The History of English Poetry
The History of English Poetry, from the Close of the Eleventh to the Commencement of the Eighteenth Century (1774-1781) by Thomas Warton was a pioneering and influential literary history. Only three full volumes were ever published, going as far as Queen Elizabeth's reign, but their account of English poetry in the late Middle Ages and Renaissance was unrivalled for many years, and played a part in steering British literary taste towards Romanticism. It is generally acknowledged to be the first narrative English literary history.
Composition and content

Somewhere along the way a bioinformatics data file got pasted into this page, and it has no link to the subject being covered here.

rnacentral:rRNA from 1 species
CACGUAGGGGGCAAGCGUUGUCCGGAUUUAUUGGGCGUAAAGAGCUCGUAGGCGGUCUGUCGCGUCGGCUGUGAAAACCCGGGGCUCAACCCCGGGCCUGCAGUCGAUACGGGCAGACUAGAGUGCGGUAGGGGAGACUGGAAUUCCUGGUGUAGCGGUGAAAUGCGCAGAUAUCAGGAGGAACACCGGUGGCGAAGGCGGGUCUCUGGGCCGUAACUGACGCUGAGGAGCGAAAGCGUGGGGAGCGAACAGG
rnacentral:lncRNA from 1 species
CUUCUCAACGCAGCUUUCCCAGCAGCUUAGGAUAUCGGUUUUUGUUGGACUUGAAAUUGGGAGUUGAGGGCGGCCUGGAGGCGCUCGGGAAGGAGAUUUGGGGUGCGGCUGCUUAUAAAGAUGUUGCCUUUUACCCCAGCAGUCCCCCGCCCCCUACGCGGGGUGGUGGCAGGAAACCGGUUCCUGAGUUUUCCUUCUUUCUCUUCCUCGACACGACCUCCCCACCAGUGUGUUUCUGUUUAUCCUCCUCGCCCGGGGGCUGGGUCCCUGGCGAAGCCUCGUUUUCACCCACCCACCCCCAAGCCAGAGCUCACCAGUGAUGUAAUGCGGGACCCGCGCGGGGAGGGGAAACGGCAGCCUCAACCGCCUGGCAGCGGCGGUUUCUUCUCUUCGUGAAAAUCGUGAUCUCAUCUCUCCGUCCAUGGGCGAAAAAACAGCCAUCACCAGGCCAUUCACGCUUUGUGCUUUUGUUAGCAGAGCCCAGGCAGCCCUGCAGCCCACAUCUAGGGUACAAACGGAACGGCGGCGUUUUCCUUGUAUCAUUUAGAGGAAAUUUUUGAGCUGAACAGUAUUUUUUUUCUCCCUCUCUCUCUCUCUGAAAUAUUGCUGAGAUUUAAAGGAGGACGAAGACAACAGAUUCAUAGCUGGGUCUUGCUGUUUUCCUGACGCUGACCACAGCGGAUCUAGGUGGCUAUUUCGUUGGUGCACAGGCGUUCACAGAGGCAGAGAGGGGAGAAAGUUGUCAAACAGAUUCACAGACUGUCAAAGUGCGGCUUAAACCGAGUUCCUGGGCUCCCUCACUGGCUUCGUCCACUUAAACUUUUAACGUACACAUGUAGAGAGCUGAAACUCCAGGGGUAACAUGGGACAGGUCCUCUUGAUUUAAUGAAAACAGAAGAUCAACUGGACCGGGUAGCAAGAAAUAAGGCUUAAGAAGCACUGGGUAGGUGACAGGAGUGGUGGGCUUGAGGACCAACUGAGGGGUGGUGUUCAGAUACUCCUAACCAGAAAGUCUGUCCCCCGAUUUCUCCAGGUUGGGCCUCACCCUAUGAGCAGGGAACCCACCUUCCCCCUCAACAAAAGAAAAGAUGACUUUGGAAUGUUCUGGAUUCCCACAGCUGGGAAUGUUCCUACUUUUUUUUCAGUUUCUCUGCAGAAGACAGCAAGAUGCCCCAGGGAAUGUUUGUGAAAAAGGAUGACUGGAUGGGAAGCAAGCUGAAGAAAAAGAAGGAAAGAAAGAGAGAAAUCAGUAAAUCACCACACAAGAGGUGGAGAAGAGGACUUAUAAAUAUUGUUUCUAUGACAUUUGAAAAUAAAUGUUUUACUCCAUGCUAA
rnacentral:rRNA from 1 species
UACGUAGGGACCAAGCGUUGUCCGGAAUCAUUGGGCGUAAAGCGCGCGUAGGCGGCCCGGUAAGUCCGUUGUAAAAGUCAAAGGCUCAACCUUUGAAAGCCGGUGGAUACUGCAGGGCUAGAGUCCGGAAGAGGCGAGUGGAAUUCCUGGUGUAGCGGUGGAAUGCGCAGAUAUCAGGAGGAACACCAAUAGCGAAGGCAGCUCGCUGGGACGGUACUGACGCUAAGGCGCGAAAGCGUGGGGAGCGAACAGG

Warton probably began researching the History in the 1750s, but did not actually begin writing in earnest until 1769. He conceived of his work as tracing "the transitions from barbarism to civility" in English poetry, but alongside this view of progress went a Romantic love of medieval poetry for its own sake. The first volume, published in 1774 with a second edition the following year, is prefaced with two dissertations: one on "The Origin of Romantic Fiction in Europe", which he believed to lie in the Islamic world, and the other on "The Introduction of Learning into England", which deals with the revival of interest in Classical literature. Then begins the History proper. Warton decided to give no account of Anglo-Saxon poetry, ostensibly because it lay before "that era, when our national character began to dawn", though doubtless really because his knowledge of the language was too slight to serve him. Instead he began with the impact of the Norman Conquest on the English language, before moving on to the vernacular chronicles. Then follow a series of studies of various Middle English romances, of Piers Plowman, and of Early Scots historical writing. The volume ends with a long and detailed look at the works of Geoffrey Chaucer. The second volume appeared in 1788. It deals with John Gower, Thomas Hoccleve, John Lydgate, and the controversy over the authenticity of Thomas Rowley's poems (actually forgeries by Thomas Chatterton, as Warton shows), before moving on to Stephen Hawes and other poets of the reigns of Henry VII. He studies the Scottish Chaucerians in some detail, then returns to England and John Skelton. The volume ends with chapters on the mystery plays, and on continental humanism and the Reformation. The third volume, published in 1791, begins with a dissertation on the Gesta Romanorum, one of many sections of the History to fall out of chronological sequence. He moves on to the Earl of Surrey, Thomas Wyatt, Tottel's Miscellany, John Heywood, Thomas More, and another out-of-sequence study, this time of the Middle English romance of Ywain and Gawain. Then come The Mirror for Magistrates, Thomas Sackville, Richard Edwardes, and finally a general survey of Elizabethan poetry. His fourth volume was never published complete, though 88 pages of it were printed in 1789. It is often said that attacks on the History by the antiquary Joseph Ritson were the cause of Warton's publishing no more, but other theories have been suggested: that he found the wide variety of 16th century literature difficult to bring within a simple narrative structure; that he found himself unable to reconcile his Romantic and Classical attitudes towards early poetry; that the further he left his greatest love, the era of romance, behind him the less interested he became; that an alternative project of editing Milton had captured his interest; or that he was just congenitally lazy.